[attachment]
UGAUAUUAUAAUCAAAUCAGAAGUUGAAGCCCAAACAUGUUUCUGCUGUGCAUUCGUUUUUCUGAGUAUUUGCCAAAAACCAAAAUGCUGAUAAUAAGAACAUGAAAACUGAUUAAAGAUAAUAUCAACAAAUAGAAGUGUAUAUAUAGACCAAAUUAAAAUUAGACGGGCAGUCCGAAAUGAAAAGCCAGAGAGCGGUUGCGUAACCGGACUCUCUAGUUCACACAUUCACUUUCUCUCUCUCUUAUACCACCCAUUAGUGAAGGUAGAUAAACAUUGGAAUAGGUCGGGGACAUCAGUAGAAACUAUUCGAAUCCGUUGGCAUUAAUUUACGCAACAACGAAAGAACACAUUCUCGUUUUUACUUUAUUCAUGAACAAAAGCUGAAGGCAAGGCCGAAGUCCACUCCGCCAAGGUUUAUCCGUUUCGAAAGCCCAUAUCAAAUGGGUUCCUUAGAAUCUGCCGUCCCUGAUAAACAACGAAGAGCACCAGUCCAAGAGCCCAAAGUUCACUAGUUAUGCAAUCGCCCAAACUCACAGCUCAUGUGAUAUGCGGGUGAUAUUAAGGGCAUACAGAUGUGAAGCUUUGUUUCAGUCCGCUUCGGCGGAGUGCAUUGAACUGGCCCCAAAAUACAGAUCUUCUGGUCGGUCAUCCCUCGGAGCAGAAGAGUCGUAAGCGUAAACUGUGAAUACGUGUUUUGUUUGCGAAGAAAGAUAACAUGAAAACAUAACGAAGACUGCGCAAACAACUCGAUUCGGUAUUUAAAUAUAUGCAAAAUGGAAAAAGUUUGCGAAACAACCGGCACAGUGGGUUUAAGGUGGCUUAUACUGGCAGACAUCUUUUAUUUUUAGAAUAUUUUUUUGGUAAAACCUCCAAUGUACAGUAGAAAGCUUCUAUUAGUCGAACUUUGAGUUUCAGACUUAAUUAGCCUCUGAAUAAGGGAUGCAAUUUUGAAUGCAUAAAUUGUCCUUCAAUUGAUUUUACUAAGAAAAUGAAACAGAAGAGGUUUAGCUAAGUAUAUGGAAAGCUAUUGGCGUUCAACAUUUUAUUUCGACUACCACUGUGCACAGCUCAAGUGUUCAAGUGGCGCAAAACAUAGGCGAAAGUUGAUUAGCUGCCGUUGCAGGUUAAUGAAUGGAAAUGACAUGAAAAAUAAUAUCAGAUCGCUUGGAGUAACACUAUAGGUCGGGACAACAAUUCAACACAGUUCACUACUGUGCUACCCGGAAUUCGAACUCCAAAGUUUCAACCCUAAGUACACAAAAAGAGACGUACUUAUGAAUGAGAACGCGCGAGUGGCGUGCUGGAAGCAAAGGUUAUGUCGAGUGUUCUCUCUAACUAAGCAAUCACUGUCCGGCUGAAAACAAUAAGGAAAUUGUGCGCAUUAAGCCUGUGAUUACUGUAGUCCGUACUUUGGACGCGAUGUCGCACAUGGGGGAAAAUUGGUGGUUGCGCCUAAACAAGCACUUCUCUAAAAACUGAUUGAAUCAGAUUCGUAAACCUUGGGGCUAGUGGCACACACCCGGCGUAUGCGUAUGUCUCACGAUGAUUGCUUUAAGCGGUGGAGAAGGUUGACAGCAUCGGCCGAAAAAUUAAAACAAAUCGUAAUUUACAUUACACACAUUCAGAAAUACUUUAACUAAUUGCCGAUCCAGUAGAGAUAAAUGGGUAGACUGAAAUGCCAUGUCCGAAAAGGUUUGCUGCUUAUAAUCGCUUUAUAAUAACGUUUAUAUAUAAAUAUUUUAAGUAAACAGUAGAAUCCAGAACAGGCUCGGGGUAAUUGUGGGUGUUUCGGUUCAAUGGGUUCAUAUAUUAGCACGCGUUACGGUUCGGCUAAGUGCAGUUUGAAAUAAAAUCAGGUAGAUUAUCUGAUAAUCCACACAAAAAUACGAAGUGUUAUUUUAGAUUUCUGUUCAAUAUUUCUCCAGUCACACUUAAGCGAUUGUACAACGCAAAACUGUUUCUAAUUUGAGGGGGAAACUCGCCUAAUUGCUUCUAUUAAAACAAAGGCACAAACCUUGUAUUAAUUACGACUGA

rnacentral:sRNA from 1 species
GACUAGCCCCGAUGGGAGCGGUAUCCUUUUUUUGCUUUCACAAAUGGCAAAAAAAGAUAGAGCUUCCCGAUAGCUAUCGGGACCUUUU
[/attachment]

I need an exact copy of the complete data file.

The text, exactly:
UGAUAUUAUAAUCAAAUCAGAAGUUGAAGCCCAAACAUGUUUCUGCUGUGCAUUCGUUUUUCUGAGUAUUUGCCAAAAACCAAAAUGCUGAUAAUAAGAACAUGAAAACUGAUUAAAGAUAAUAUCAACAAAUAGAAGUGUAUAUAUAGACCAAAUUAAAAUUAGACGGGCAGUCCGAAAUGAAAAGCCAGAGAGCGGUUGCGUAACCGGACUCUCUAGUUCACACAUUCACUUUCUCUCUCUCUUAUACCACCCAUUAGUGAAGGUAGAUAAACAUUGGAAUAGGUCGGGGACAUCAGUAGAAACUAUUCGAAUCCGUUGGCAUUAAUUUACGCAACAACGAAAGAACACAUUCUCGUUUUUACUUUAUUCAUGAACAAAAGCUGAAGGCAAGGCCGAAGUCCACUCCGCCAAGGUUUAUCCGUUUCGAAAGCCCAUAUCAAAUGGGUUCCUUAGAAUCUGCCGUCCCUGAUAAACAACGAAGAGCACCAGUCCAAGAGCCCAAAGUUCACUAGUUAUGCAAUCGCCCAAACUCACAGCUCAUGUGAUAUGCGGGUGAUAUUAAGGGCAUACAGAUGUGAAGCUUUGUUUCAGUCCGCUUCGGCGGAGUGCAUUGAACUGGCCCCAAAAUACAGAUCUUCUGGUCGGUCAUCCCUCGGAGCAGAAGAGUCGUAAGCGUAAACUGUGAAUACGUGUUUUGUUUGCGAAGAAAGAUAACAUGAAAACAUAACGAAGACUGCGCAAACAACUCGAUUCGGUAUUUAAAUAUAUGCAAAAUGGAAAAAGUUUGCGAAACAACCGGCACAGUGGGUUUAAGGUGGCUUAUACUGGCAGACAUCUUUUAUUUUUAGAAUAUUUUUUUGGUAAAACCUCCAAUGUACAGUAGAAAGCUUCUAUUAGUCGAACUUUGAGUUUCAGACUUAAUUAGCCUCUGAAUAAGGGAUGCAAUUUUGAAUGCAUAAAUUGUCCUUCAAUUGAUUUUACUAAGAAAAUGAAACAGAAGAGGUUUAGCUAAGUAUAUGGAAAGCUAUUGGCGUUCAACAUUUUAUUUCGACUACCACUGUGCACAGCUCAAGUGUUCAAGUGGCGCAAAACAUAGGCGAAAGUUGAUUAGCUGCCGUUGCAGGUUAAUGAAUGGAAAUGACAUGAAAAAUAAUAUCAGAUCGCUUGGAGUAACACUAUAGGUCGGGACAACAAUUCAACACAGUUCACUACUGUGCUACCCGGAAUUCGAACUCCAAAGUUUCAACCCUAAGUACACAAAAAGAGACGUACUUAUGAAUGAGAACGCGCGAGUGGCGUGCUGGAAGCAAAGGUUAUGUCGAGUGUUCUCUCUAACUAAGCAAUCACUGUCCGGCUGAAAACAAUAAGGAAAUUGUGCGCAUUAAGCCUGUGAUUACUGUAGUCCGUACUUUGGACGCGAUGUCGCACAUGGGGGAAAAUUGGUGGUUGCGCCUAAACAAGCACUUCUCUAAAAACUGAUUGAAUCAGAUUCGUAAACCUUGGGGCUAGUGGCACACACCCGGCGUAUGCGUAUGUCUCACGAUGAUUGCUUUAAGCGGUGGAGAAGGUUGACAGCAUCGGCCGAAAAAUUAAAACAAAUCGUAAUUUACAUUACACACAUUCAGAAAUACUUUAACUAAUUGCCGAUCCAGUAGAGAUAAAUGGGUAGACUGAAAUGCCAUGUCCGAAAAGGUUUGCUGCUUAUAAUCGCUUUAUAAUAACGUUUAUAUAUAAAUAUUUUAAGUAAACAGUAGAAUCCAGAACAGGCUCGGGGUAAUUGUGGGUGUUUCGGUUCAAUGGGUUCAUAUAUUAGCACGCGUUACGGUUCGGCUAAGUGCAGUUUGAAAUAAAAUCAGGUAGAUUAUCUGAUAAUCCACACAAAAAUACGAAGUGUUAUUUUAGAUUUCUGUUCAAUAUUUCUCCAGUCACACUUAAGCGAUUGUACAACGCAAAACUGUUUCUAAUUUGAGGGGGAAACUCGCCUAAUUGCUUCUAUUAAAACAAAGGCACAAACCUUGUAUUAAUUACGACUGA

rnacentral:sRNA from 1 species
GACUAGCCCCGAUGGGAGCGGUAUCCUUUUUUUGCUUUCACAAAUGGCAAAAAAAGAUAGAGCUUCCCGAUAGCUAUCGGGACCUUUU